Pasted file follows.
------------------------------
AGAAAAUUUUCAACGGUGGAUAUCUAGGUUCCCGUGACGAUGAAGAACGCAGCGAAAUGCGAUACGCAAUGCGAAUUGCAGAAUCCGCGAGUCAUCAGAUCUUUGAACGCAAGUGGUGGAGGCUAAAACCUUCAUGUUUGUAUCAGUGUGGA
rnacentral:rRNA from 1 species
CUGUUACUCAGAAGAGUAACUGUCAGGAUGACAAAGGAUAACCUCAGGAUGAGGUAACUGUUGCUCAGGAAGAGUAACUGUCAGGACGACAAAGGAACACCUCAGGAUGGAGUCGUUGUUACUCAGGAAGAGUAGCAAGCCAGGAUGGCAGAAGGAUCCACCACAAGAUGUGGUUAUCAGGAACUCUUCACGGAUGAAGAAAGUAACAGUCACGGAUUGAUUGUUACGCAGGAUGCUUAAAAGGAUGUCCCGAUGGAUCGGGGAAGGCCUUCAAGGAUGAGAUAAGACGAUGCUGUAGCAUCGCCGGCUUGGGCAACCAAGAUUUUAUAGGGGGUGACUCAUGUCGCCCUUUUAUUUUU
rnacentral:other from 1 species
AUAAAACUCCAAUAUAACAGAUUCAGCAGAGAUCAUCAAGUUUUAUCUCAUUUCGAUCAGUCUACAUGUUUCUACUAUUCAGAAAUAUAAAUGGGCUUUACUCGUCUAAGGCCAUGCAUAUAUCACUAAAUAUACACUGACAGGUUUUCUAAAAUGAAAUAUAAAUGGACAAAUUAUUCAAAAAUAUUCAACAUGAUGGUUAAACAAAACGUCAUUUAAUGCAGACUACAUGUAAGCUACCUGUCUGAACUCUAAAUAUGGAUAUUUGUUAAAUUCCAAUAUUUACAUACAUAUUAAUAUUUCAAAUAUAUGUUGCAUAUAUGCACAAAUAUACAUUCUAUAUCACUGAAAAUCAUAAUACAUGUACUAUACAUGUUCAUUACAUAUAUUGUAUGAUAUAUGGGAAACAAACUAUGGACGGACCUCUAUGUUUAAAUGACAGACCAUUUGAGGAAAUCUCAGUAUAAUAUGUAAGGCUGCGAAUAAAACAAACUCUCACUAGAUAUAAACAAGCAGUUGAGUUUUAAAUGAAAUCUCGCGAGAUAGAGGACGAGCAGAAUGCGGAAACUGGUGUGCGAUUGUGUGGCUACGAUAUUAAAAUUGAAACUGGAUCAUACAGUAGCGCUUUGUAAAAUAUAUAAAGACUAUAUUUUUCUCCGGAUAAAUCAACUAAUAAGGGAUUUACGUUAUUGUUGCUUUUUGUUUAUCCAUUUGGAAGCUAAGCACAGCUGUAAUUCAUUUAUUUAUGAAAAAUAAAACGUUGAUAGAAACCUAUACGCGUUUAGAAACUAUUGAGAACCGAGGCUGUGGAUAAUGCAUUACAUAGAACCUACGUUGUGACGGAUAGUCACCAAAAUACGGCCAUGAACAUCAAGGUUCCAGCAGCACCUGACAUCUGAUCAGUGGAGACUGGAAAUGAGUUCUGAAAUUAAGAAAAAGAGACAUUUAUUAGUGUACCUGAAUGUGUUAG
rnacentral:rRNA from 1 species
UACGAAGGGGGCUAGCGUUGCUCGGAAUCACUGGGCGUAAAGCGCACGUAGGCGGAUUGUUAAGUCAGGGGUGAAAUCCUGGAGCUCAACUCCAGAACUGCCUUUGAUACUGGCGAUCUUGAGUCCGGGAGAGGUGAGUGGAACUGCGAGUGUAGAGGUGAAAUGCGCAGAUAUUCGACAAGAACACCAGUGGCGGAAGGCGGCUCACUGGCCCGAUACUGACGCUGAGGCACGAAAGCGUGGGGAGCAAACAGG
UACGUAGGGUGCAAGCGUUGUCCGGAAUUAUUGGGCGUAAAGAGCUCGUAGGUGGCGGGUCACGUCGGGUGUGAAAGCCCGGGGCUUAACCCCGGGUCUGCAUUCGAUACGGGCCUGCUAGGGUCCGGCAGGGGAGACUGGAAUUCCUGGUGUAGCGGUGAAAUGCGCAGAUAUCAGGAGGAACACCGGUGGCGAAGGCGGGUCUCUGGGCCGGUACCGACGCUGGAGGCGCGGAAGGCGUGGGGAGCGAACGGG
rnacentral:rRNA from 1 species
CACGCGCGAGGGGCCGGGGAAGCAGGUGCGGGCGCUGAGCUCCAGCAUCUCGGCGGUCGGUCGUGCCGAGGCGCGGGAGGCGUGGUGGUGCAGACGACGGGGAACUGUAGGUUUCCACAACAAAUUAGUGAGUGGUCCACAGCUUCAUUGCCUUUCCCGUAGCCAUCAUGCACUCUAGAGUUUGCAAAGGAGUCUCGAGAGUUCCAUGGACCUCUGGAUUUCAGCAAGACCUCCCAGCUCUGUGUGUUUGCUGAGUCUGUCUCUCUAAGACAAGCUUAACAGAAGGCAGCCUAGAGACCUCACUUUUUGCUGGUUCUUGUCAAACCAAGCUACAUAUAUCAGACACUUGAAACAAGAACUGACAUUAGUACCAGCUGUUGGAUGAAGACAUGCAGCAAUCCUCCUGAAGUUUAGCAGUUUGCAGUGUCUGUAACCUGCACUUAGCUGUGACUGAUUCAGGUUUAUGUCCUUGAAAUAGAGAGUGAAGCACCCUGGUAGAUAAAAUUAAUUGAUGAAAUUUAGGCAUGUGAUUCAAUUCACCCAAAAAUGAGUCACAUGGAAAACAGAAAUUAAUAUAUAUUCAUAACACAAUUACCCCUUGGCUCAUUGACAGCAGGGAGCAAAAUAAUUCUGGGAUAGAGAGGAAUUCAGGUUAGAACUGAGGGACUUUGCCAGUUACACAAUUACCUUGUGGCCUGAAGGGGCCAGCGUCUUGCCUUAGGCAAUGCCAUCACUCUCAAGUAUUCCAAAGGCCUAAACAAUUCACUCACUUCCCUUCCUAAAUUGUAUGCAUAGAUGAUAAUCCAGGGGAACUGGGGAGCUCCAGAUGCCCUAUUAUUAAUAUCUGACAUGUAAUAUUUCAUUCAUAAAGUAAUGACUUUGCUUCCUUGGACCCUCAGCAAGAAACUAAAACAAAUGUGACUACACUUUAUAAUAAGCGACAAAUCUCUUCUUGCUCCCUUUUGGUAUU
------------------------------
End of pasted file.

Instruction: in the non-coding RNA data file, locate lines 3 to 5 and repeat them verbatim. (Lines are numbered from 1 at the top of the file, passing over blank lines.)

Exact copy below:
CUGUUACUCAGAAGAGUAACUGUCAGGAUGACAAAGGAUAACCUCAGGAUGAGGUAACUGUUGCUCAGGAAGAGUAACUGUCAGGACGACAAAGGAACACCUCAGGAUGGAGUCGUUGUUACUCAGGAAGAGUAGCAAGCCAGGAUGGCAGAAGGAUCCACCACAAGAUGUGGUUAUCAGGAACUCUUCACGGAUGAAGAAAGUAACAGUCACGGAUUGAUUGUUACGCAGGAUGCUUAAAAGGAUGUCCCGAUGGAUCGGGGAAGGCCUUCAAGGAUGAGAUAAGACGAUGCUGUAGCAUCGCCGGCUUGGGCAACCAAGAUUUUAUAGGGGGUGACUCAUGUCGCCCUUUUAUUUUU
rnacentral:other from 1 species
AUAAAACUCCAAUAUAACAGAUUCAGCAGAGAUCAUCAAGUUUUAUCUCAUUUCGAUCAGUCUACAUGUUUCUACUAUUCAGAAAUAUAAAUGGGCUUUACUCGUCUAAGGCCAUGCAUAUAUCACUAAAUAUACACUGACAGGUUUUCUAAAAUGAAAUAUAAAUGGACAAAUUAUUCAAAAAUAUUCAACAUGAUGGUUAAACAAAACGUCAUUUAAUGCAGACUACAUGUAAGCUACCUGUCUGAACUCUAAAUAUGGAUAUUUGUUAAAUUCCAAUAUUUACAUACAUAUUAAUAUUUCAAAUAUAUGUUGCAUAUAUGCACAAAUAUACAUUCUAUAUCACUGAAAAUCAUAAUACAUGUACUAUACAUGUUCAUUACAUAUAUUGUAUGAUAUAUGGGAAACAAACUAUGGACGGACCUCUAUGUUUAAAUGACAGACCAUUUGAGGAAAUCUCAGUAUAAUAUGUAAGGCUGCGAAUAAAACAAACUCUCACUAGAUAUAAACAAGCAGUUGAGUUUUAAAUGAAAUCUCGCGAGAUAGAGGACGAGCAGAAUGCGGAAACUGGUGUGCGAUUGUGUGGCUACGAUAUUAAAAUUGAAACUGGAUCAUACAGUAGCGCUUUGUAAAAUAUAUAAAGACUAUAUUUUUCUCCGGAUAAAUCAACUAAUAAGGGAUUUACGUUAUUGUUGCUUUUUGUUUAUCCAUUUGGAAGCUAAGCACAGCUGUAAUUCAUUUAUUUAUGAAAAAUAAAACGUUGAUAGAAACCUAUACGCGUUUAGAAACUAUUGAGAACCGAGGCUGUGGAUAAUGCAUUACAUAGAACCUACGUUGUGACGGAUAGUCACCAAAAUACGGCCAUGAACAUCAAGGUUCCAGCAGCACCUGACAUCUGAUCAGUGGAGACUGGAAAUGAGUUCUGAAAUUAAGAAAAAGAGACAUUUAUUAGUGUACCUGAAUGUGUUAG